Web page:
Saucony have made major impact on the local and international running market in recent years with a range of shoes that have gradually introduced a reduction in heel to midfoot drop from 8mm to zero.

The Kinvara, which is currently in its third edition, is amongst the most favoured shoes in the market place, not least for its lightness, flexibility and responsiveness for both the training and racing market. However the company takes another step forward in 2013 with the introduction of the Virrata.

This sleek looking model has the typical triangular tread on an ultra lightweight combination mid and outsole that contributes to the overall 184gram weight. (size 9).

A combination of the parallel and diagonal flex grooves makes for a very flexible shoe, which can follow the natural movement of the foot. Although having a zero drop and massive flexibility, the Virrata is not short of cushioning with an 18mm thick EVA midsole.

The shoe is sculpted from the ball of the foot forward giving assisted propulsion on toe off which is even greater than the popular Kinvara 3.

The use of high carbon lugs on the key toe and heel areas gives extended wear for the outersole, which uses a ribbed lug design for grip. The open nature of the outersole design is such that the shoe is as much at home on the road as it is on open trail while being light enough to be an excellent middle distance track racer.

The moccasin upper is close fitting and utilizes the typical Saucony internal support spider under an open mesh, which has a fine nylon sheath covering. This keeps everything including sand from penetrating the foot area, but maintains a high level of breathability.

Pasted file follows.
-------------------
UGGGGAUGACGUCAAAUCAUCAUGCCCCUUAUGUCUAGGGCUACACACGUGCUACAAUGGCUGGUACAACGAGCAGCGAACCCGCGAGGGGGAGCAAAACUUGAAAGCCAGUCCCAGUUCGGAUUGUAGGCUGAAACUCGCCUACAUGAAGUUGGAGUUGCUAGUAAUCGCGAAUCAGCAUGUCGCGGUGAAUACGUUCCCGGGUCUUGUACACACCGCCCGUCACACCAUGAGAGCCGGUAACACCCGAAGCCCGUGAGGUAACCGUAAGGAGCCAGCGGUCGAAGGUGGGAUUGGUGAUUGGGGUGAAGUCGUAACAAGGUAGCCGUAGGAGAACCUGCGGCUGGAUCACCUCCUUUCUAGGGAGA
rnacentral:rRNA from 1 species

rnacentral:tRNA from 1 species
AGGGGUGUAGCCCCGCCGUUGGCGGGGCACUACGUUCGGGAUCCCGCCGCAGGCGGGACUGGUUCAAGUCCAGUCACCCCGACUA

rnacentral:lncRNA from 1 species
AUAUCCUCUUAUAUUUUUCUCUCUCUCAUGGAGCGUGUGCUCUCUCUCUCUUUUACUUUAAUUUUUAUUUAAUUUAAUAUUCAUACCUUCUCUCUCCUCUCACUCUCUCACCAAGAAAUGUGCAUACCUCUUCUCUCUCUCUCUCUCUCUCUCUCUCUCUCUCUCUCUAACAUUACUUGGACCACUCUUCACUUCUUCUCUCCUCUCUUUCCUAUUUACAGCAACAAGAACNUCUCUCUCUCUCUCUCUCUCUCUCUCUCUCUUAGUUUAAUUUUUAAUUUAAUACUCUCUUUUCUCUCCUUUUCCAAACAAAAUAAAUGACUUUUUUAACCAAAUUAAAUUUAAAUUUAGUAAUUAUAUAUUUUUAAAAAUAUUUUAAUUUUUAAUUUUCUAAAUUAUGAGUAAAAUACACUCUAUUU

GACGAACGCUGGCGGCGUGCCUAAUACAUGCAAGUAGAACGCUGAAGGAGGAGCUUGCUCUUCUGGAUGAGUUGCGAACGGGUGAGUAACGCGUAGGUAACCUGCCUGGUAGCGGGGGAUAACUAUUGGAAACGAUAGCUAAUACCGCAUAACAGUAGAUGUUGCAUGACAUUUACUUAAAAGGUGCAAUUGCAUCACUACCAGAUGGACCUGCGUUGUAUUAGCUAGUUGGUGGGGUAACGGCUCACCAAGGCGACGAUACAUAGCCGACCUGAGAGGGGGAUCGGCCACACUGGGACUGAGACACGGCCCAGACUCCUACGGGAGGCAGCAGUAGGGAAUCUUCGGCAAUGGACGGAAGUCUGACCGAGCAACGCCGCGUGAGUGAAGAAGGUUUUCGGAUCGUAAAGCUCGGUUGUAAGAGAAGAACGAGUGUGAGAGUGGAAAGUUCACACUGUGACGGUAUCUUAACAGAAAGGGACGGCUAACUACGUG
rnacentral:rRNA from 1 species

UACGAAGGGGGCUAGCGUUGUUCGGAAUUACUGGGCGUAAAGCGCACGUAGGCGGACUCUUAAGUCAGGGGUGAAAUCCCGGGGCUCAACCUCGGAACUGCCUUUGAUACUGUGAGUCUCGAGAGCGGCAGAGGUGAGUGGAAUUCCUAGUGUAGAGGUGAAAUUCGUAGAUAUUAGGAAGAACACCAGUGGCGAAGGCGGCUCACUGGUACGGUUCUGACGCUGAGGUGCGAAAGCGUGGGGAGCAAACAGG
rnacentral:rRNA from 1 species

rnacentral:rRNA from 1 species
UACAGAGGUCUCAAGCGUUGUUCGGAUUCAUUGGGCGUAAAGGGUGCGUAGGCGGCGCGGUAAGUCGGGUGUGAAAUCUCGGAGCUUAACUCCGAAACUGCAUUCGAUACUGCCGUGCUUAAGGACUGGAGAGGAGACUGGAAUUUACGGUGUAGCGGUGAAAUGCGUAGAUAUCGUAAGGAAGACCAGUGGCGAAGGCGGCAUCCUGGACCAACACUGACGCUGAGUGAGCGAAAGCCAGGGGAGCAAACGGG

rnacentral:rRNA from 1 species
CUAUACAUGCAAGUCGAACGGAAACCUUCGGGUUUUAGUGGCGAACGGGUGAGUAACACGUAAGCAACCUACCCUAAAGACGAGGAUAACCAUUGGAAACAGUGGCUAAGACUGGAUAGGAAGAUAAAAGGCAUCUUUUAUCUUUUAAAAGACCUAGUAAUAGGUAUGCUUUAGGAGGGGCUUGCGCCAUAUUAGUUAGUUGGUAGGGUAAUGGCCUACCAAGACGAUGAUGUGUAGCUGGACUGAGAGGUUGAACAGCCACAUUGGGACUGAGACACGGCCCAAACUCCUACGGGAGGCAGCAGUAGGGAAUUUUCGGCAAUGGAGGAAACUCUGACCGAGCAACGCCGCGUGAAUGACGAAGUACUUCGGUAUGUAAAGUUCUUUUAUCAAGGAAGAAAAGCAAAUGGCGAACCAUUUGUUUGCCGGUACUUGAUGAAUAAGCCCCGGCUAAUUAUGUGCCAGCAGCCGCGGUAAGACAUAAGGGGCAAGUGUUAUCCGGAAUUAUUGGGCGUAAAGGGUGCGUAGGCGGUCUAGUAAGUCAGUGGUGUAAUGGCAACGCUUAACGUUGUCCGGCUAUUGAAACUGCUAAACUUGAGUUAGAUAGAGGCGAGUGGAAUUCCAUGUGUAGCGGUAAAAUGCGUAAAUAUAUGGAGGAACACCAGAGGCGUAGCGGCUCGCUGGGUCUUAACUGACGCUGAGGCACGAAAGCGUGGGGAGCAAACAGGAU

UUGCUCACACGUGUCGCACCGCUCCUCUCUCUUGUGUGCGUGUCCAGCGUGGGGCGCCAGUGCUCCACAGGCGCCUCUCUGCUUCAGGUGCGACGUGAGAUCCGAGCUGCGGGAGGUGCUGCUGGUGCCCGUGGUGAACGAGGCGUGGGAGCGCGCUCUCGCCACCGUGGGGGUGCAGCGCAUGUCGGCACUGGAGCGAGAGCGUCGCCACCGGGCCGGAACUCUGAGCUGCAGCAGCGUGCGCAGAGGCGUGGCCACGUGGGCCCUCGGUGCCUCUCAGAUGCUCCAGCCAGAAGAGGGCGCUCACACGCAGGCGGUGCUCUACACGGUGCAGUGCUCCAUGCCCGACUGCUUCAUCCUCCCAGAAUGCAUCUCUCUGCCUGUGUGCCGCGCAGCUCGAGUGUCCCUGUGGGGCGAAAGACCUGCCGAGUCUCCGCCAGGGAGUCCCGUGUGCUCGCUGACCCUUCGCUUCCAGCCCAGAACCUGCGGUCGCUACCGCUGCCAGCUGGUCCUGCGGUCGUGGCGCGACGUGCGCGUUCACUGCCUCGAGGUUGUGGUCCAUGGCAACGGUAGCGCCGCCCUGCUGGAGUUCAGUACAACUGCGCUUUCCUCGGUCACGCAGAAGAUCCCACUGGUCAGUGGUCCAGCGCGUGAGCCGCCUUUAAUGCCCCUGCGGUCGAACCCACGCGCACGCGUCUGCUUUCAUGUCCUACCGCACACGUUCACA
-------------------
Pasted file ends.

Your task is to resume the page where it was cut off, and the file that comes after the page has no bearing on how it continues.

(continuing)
The sample model was relatively narrow in fit, but this is expected to be wider and more akin to the form of the Kinvara 3 in final production.

There are five splayed fingers to the support spider, with an additional link to a low level cup, which provides support to the heel without becoming an irritation to the Achilles.

The toe box, heel, Saucony logo and medial edge of each shoe incorporate reflective material providing a useful safety feature.

The Virrata took a couple of runs to acclimatize to due to the high multi directional flexibility and there is no question that your foot is exposed to a greater work out in this shoe compared with most.  The important message here is that you should not make a sudden transition to this shoe: rather introduce the Virrata by alternating with your current shoes, and keep in mind that adaption is required both in the overall foot flexibility (strengthening) and the reduction to a zero drop between heel and midfoot. Too fast a transition could easily result in excessive fatigue or injury, but done with caution this will add oomph to your running.

From the first run it provided good grip with that welcoming squeak of rubber on ground that makes you feel you are really driving forward. Even in the wet this sole was up to the mark and provided the confidence that allowed tight cornering.

The grey and orange of the sample is one of four colourways that are due to be on offer in the mens range with an additional four listed for ladies.

The comfort and cushioning is surprising and this is a shoe that makes you want to run. If you like the Kinvara or Cortana, this is a shoe you have to try as a step towards an even more natural running style, but don’t expect the firm un-cushioned feel of many of the competitors, this is a well padded model looking for a fast run..

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